Beginning with her church, Virginia developed a strategy. She approached the Elders of her church, asking them to consider an egalitarian interpretation of Scripture. Though the Elders were world-renowned Bible scholars, Patterson was unintimidated. To make her case, she visited them personally. She told me once how she waited patiently at one Elder's home while he mowed his lawn. As he pushed his lawnmower back and forth, Virginia stood smiling at him from his living room window, eager to engage him theologically. I am not sure who was the more courageous that day, Virginia or her Elder. Her holy boldness helped move a community of scholars from a male-only model of leadership to one where women now serve as Elders. Inevitably Virginia was ordained as an Elder in the Evangelical Presbyterian Church of Wheaton, IL. She also served on many denominational committees. As one of her missionary kids said, "Her influence was epic!"
In 1995, Patterson joined the board of CBE as chair, perceiving the need to transition our board from managing tasks to identifying policies. She not only developed board policies with a focus on governance, she also established a process of strategic planning that helped create a more vibrant and sustainable organization. For more than 15 years I watched this fearless Cherokee woman lead CBE, churches, organizations, and individuals, always motivated by mission rather than human accolade. And, she was restless in her search for new and better ways to serve.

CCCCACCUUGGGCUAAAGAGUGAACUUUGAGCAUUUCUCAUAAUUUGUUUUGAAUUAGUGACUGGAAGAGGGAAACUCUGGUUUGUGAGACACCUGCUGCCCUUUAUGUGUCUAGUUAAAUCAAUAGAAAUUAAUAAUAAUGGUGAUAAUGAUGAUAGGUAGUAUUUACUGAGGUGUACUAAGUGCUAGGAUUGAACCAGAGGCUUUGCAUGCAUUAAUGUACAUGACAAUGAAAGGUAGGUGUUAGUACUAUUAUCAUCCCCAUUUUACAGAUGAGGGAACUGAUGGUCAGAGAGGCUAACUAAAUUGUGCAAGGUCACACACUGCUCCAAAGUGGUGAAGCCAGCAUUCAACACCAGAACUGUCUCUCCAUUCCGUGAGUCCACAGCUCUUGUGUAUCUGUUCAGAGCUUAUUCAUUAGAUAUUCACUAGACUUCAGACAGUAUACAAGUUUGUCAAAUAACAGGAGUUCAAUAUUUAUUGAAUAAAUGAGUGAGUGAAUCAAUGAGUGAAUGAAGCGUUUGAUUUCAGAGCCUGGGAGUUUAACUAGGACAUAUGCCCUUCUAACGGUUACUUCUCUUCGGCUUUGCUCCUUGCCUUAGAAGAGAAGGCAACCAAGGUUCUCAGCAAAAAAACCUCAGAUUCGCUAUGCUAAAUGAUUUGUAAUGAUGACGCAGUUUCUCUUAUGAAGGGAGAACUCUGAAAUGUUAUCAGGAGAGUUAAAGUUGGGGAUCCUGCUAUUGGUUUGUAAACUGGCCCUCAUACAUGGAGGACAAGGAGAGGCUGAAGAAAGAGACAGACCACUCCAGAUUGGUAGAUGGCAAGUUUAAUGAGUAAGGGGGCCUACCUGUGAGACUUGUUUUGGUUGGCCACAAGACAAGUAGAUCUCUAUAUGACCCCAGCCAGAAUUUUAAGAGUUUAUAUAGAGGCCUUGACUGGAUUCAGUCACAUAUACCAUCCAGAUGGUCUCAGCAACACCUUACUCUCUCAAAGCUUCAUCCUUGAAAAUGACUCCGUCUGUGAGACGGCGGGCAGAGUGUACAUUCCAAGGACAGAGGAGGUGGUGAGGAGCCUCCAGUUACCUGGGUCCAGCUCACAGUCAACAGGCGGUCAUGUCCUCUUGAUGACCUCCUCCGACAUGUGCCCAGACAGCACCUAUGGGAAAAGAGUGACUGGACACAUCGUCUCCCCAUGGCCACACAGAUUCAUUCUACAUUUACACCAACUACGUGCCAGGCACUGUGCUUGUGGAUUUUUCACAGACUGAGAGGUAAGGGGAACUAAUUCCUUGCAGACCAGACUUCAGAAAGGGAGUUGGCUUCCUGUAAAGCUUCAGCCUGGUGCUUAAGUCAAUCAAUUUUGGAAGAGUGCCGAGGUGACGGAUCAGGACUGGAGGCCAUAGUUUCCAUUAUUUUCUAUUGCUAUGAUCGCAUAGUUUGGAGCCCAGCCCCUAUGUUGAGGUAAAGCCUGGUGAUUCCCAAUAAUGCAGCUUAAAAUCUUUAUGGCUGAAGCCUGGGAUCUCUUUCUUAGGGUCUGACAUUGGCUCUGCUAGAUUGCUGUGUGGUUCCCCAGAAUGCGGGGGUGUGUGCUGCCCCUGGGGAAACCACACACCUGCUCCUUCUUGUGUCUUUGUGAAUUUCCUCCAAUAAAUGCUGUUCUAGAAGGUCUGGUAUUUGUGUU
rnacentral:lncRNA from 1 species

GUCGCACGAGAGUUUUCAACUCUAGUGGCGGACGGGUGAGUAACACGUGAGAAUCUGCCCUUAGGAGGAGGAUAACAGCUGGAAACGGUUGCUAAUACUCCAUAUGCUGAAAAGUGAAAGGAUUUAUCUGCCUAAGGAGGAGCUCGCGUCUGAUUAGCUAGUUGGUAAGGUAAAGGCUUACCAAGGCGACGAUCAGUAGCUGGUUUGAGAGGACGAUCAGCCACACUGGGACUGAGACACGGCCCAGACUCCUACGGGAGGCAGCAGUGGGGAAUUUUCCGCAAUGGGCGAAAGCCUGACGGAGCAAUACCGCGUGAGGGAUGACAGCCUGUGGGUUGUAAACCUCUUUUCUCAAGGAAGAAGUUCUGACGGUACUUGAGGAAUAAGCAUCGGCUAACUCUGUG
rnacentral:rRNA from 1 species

Even while growing Pioneer Clubs, Patterson found time to become a licensed counselor and to complete her doctorate in education, believing that higher education equips women for strategic leadership. In all of this she stands alone in placing her ambition, time and talents at the service of others, in never taking the easy path, and in giving much more than 100 percent.
Virginia made it clear not so much through words but through her actions that leadership is some of the most demanding yet sanctifying work God can give. Perhaps there is no better way to celebrate her life and legacy than with the words of Saint Francis. Like Virginia, Francis left the world not with great literary works but with a spirit of love and prodigious effort that had the good of others as their chief aim. Like Francis, Virginia's passion to serve God and others is her legacy. She embodied the prayer of Saint Francis, who said:
O Divine Master, grant that I may not so much seek
to be consoled as to console;
to be understood as to understand;
to be loved as to love.
For it is in giving that we receive;
it is in pardoning that we are pardoned:
and it is in dying that we are born to eternal life.
Mimi Haddad is president of Christians for Biblical Equality.